As the coronavirus (COVID-19) continues to spread, the University of Portland’s Entrepreneur Scholars program will be changing its international business trip for this spring. Originally, students in the program were going to go to South Korea and Japan, but due to the growing risk COVID-19 poses in those countries, UP has decided to send the E-Scholars to Auckland and Wellington, New Zealand instead.
“Even though the U.S. state department had not yet raised the level of warning, we were getting messages and information that within South Korea so much of the business community is shutting down,” Associate Dean of the Pamplin School of Business Lisa Reed said. “So even if we had gone and had been able to go, our students weren’t going to have a meaningful business trip.”
Members of the E-Scholars program travel internationally every year in the spring. While abroad, the students reach out to businesses in the countries they are visiting to set up business meetings, tour facilities and discuss their ventures. The switch in location has made it so students have to scramble to find new contacts in New Zealand, Reed said.
“Most of them won’t be able to get as many (meetings) as they had in Japan and Seoul,” Reed said. “We’re encouraging them and they all plan to have some type of skype meeting with the people in Tokyo and Seoul later.”
Reed announced that the E-Scholars would be traveling to New Zealand last Saturday. There were no issues changing the flights and the program was given full refunds for the hotels and lodging, Reed said. Although the change was sudden, the E-Scholars have been making the best of the situation.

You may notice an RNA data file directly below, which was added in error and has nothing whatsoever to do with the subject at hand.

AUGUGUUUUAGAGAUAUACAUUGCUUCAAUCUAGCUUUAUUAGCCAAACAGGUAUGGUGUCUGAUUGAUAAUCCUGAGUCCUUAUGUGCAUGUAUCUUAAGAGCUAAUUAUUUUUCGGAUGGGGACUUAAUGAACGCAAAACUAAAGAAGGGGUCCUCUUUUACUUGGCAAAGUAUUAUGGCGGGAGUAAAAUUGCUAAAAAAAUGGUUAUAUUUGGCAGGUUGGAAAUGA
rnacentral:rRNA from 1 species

“For my specific E-Scholars venture I’m working with craft breweries,” Junior E-Scholar Cameron Lyons said. “Honestly it was not that difficult for me, I just reached out to a bunch of craft breweries. Wellington happens to be one of the biggest craft brewery areas in the world.”
New Zealand was already being considered for the international trip before choosing Seoul and Japan, and former E-Scholars program leader Peter Rachor is currently teaching at the University of Auckland.
“We have such little time to cancel all our original plans … and make new ones that that had already been in our minds,” Reed said. “It was easier to make that transition and it’s nice that someone’s there who understands the program and can facilitate some things.”
Austin De Dios is a reporter for The Beacon. He can be reached firstname.lastname@example.org.